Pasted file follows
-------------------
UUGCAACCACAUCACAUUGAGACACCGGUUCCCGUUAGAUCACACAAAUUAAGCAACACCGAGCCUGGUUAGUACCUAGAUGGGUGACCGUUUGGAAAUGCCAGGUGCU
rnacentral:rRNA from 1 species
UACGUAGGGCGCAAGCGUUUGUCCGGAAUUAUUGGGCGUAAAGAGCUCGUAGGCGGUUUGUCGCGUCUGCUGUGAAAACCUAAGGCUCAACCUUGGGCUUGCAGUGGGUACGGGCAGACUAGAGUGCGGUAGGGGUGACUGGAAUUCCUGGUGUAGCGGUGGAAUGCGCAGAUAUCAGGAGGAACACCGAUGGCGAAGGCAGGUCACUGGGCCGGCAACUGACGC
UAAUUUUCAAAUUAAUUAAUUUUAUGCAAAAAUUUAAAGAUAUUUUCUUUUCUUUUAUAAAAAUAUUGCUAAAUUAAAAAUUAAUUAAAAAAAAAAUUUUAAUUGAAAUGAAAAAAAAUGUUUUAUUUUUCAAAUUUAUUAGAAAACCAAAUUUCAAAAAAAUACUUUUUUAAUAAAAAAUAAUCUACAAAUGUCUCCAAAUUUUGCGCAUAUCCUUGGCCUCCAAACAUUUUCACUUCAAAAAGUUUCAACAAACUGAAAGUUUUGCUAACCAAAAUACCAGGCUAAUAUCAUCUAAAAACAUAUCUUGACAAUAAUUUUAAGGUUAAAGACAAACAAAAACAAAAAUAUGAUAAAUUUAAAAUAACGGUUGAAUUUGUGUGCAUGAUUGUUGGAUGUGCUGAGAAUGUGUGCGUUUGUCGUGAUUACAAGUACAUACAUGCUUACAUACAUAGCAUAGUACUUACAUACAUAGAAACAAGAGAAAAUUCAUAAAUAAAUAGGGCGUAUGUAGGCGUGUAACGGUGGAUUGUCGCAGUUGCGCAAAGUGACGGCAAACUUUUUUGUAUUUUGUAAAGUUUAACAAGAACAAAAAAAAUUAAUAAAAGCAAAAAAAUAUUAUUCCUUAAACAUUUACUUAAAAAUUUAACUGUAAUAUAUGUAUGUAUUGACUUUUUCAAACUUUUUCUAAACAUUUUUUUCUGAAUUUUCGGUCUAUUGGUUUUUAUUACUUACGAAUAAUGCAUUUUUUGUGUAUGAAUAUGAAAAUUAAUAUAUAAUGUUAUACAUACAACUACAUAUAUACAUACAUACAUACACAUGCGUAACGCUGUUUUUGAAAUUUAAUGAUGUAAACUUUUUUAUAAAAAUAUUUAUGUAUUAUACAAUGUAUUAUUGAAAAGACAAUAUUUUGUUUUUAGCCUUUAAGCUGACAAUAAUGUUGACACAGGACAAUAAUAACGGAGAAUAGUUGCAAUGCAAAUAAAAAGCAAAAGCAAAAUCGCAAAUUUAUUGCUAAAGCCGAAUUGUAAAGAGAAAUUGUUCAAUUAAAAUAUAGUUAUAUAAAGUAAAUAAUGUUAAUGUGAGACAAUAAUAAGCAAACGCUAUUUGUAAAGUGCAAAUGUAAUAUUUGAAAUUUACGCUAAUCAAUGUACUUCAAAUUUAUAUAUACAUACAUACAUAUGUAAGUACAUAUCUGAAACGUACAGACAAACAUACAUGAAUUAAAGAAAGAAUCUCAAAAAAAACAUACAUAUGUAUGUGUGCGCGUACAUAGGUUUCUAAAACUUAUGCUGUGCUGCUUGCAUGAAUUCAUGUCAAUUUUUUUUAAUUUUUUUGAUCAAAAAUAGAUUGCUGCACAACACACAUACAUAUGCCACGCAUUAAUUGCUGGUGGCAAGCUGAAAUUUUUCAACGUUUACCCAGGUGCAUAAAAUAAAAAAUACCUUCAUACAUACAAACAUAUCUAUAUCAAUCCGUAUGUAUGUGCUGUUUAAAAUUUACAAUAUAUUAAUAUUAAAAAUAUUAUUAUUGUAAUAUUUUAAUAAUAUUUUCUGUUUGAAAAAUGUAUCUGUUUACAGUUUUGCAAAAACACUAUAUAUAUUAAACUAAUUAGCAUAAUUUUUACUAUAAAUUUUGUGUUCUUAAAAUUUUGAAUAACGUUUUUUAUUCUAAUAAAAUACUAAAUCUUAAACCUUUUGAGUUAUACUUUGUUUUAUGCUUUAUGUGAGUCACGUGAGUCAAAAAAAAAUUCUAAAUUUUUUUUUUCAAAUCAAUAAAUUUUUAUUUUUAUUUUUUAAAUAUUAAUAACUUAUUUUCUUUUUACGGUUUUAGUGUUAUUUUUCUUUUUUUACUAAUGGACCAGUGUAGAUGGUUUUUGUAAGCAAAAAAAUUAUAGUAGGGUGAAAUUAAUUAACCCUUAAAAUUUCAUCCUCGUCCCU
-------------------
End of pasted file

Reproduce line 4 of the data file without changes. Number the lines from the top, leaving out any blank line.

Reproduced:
UAAUUUUCAAAUUAAUUAAUUUUAUGCAAAAAUUUAAAGAUAUUUUCUUUUCUUUUAUAAAAAUAUUGCUAAAUUAAAAAUUAAUUAAAAAAAAAAUUUUAAUUGAAAUGAAAAAAAAUGUUUUAUUUUUCAAAUUUAUUAGAAAACCAAAUUUCAAAAAAAUACUUUUUUAAUAAAAAAUAAUCUACAAAUGUCUCCAAAUUUUGCGCAUAUCCUUGGCCUCCAAACAUUUUCACUUCAAAAAGUUUCAACAAACUGAAAGUUUUGCUAACCAAAAUACCAGGCUAAUAUCAUCUAAAAACAUAUCUUGACAAUAAUUUUAAGGUUAAAGACAAACAAAAACAAAAAUAUGAUAAAUUUAAAAUAACGGUUGAAUUUGUGUGCAUGAUUGUUGGAUGUGCUGAGAAUGUGUGCGUUUGUCGUGAUUACAAGUACAUACAUGCUUACAUACAUAGCAUAGUACUUACAUACAUAGAAACAAGAGAAAAUUCAUAAAUAAAUAGGGCGUAUGUAGGCGUGUAACGGUGGAUUGUCGCAGUUGCGCAAAGUGACGGCAAACUUUUUUGUAUUUUGUAAAGUUUAACAAGAACAAAAAAAAUUAAUAAAAGCAAAAAAAUAUUAUUCCUUAAACAUUUACUUAAAAAUUUAACUGUAAUAUAUGUAUGUAUUGACUUUUUCAAACUUUUUCUAAACAUUUUUUUCUGAAUUUUCGGUCUAUUGGUUUUUAUUACUUACGAAUAAUGCAUUUUUUGUGUAUGAAUAUGAAAAUUAAUAUAUAAUGUUAUACAUACAACUACAUAUAUACAUACAUACAUACACAUGCGUAACGCUGUUUUUGAAAUUUAAUGAUGUAAACUUUUUUAUAAAAAUAUUUAUGUAUUAUACAAUGUAUUAUUGAAAAGACAAUAUUUUGUUUUUAGCCUUUAAGCUGACAAUAAUGUUGACACAGGACAAUAAUAACGGAGAAUAGUUGCAAUGCAAAUAAAAAGCAAAAGCAAAAUCGCAAAUUUAUUGCUAAAGCCGAAUUGUAAAGAGAAAUUGUUCAAUUAAAAUAUAGUUAUAUAAAGUAAAUAAUGUUAAUGUGAGACAAUAAUAAGCAAACGCUAUUUGUAAAGUGCAAAUGUAAUAUUUGAAAUUUACGCUAAUCAAUGUACUUCAAAUUUAUAUAUACAUACAUACAUAUGUAAGUACAUAUCUGAAACGUACAGACAAACAUACAUGAAUUAAAGAAAGAAUCUCAAAAAAAACAUACAUAUGUAUGUGUGCGCGUACAUAGGUUUCUAAAACUUAUGCUGUGCUGCUUGCAUGAAUUCAUGUCAAUUUUUUUUAAUUUUUUUGAUCAAAAAUAGAUUGCUGCACAACACACAUACAUAUGCCACGCAUUAAUUGCUGGUGGCAAGCUGAAAUUUUUCAACGUUUACCCAGGUGCAUAAAAUAAAAAAUACCUUCAUACAUACAAACAUAUCUAUAUCAAUCCGUAUGUAUGUGCUGUUUAAAAUUUACAAUAUAUUAAUAUUAAAAAUAUUAUUAUUGUAAUAUUUUAAUAAUAUUUUCUGUUUGAAAAAUGUAUCUGUUUACAGUUUUGCAAAAACACUAUAUAUAUUAAACUAAUUAGCAUAAUUUUUACUAUAAAUUUUGUGUUCUUAAAAUUUUGAAUAACGUUUUUUAUUCUAAUAAAAUACUAAAUCUUAAACCUUUUGAGUUAUACUUUGUUUUAUGCUUUAUGUGAGUCACGUGAGUCAAAAAAAAAUUCUAAAUUUUUUUUUUCAAAUCAAUAAAUUUUUAUUUUUAUUUUUUAAAUAUUAAUAACUUAUUUUCUUUUUACGGUUUUAGUGUUAUUUUUCUUUUUUUACUAAUGGACCAGUGUAGAUGGUUUUUGUAAGCAAAAAAAUUAUAGUAGGGUGAAAUUAAUUAACCCUUAAAAUUUCAUCCUCGUCCCU